Superfast UK: looking to ultrafast millions

Part I – the infrastructure builders

This report covers the latest announcements and activities of the country’s two largest broadband players, Openreach and Virgin Media, as well as developments and progress made by the alternative infrastructure providers.

A new report from Point Topic provides an update to our September 2017 publication, Superfast UK: investing in ultrafast part I – the infrastructure builders. It covers the latest announcements and activities of the country’s two largest broadband players, Openreach and Virgin Media, and looks at developments and progress made by the alternative infrastructure providers.

As with our previous superfast broadband publications, this report focuses on fibre-based network deployments including fibre-to-the-cabinet (FTTC), fibre-to-the-premises (FTTP) and fibre-to-the-building (FTTB) with the exception of student and military accommodation. We also cover superfast cable infrastructure (Docsis 3 and in future Docsis 3.1).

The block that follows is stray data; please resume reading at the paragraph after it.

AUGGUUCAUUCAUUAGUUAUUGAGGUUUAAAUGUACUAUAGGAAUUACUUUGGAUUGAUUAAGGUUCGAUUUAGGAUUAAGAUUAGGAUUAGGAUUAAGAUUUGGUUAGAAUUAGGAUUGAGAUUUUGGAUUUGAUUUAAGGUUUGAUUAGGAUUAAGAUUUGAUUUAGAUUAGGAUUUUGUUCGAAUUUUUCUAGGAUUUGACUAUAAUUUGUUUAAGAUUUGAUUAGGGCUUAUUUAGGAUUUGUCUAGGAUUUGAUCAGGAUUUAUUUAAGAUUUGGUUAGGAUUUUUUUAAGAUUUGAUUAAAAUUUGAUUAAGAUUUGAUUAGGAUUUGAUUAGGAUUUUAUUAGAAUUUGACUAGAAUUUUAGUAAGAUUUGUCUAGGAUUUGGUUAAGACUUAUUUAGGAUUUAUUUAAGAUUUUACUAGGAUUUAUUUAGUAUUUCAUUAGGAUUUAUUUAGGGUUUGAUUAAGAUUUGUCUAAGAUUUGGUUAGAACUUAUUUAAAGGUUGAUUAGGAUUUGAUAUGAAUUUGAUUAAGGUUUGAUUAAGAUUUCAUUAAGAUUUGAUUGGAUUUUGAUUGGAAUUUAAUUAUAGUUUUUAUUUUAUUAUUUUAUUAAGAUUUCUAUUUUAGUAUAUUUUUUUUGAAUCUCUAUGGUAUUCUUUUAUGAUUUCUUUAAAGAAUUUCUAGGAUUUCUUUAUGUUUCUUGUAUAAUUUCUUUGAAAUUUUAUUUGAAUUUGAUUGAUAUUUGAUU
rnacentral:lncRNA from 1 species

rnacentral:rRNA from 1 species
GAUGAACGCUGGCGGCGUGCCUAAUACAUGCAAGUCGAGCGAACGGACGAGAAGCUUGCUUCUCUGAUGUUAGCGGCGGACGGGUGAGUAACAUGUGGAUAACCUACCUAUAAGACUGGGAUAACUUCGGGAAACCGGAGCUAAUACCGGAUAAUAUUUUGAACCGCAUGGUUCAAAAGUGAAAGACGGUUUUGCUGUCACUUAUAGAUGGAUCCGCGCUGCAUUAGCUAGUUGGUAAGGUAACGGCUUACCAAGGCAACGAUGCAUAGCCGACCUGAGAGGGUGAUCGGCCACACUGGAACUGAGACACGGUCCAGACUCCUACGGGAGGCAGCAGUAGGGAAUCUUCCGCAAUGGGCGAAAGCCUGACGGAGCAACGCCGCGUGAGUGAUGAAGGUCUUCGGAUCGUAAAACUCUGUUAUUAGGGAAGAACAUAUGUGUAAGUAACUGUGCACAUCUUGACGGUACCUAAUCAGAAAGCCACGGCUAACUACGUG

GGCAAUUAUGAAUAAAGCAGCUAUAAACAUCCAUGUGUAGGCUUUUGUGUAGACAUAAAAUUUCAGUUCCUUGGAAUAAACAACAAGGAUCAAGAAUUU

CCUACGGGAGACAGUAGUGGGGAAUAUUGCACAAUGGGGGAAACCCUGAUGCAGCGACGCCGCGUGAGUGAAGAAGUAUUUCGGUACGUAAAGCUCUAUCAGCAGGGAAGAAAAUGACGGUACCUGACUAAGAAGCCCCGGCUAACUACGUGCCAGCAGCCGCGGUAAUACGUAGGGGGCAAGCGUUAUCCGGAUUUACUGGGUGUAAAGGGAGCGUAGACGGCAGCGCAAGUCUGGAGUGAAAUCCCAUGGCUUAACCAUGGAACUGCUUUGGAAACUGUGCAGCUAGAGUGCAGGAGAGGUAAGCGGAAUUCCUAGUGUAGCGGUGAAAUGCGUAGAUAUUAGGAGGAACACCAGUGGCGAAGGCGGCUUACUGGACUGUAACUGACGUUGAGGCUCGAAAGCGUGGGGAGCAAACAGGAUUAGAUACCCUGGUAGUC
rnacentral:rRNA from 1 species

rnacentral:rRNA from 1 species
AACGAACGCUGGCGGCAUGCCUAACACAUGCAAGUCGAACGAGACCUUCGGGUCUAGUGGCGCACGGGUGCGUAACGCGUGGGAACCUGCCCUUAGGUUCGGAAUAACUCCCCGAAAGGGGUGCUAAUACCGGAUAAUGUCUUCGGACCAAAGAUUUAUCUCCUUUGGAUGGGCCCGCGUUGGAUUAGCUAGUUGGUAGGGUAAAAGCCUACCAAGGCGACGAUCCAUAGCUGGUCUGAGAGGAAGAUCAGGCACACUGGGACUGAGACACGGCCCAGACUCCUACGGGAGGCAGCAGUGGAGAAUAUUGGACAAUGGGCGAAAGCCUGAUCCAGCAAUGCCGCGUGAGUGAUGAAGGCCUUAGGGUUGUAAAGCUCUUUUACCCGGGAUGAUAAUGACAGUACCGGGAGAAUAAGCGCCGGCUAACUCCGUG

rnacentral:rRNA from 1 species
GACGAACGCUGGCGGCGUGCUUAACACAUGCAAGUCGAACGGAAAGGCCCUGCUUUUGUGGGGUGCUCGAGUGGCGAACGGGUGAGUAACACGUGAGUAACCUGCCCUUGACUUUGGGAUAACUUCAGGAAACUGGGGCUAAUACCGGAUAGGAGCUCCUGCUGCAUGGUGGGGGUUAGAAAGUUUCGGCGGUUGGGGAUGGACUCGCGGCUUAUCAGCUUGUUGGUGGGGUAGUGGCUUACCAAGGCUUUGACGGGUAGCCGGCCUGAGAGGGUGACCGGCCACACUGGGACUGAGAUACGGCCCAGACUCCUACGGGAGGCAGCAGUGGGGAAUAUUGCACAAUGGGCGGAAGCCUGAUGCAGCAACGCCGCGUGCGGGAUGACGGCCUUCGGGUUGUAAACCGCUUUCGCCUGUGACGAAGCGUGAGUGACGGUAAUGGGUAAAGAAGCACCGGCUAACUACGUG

Key developments

  • Openreach continues to be the UK’s largest superfast broadband infrastructure provider, now passing 27.4 million premises and connecting around 9.2 million; on 1 February 2018 it announced its Fibre First programme to reach three million premises by the end of 2020 and put it on course to 10 million by the mid-2020s as long as the ‘right conditions’ are in place. It currently provides 500,000 residential premises with access to FTTP
  • Virgin Media’s Project Lightning added 536,000 marketable premises during 2017, which means it has deployed to over 1.1 million since launch; rollout in Scotland is now ramping up. Once again it raised the speed stakes by announcing a bandwidth boost launching services of up to 350Mbps for households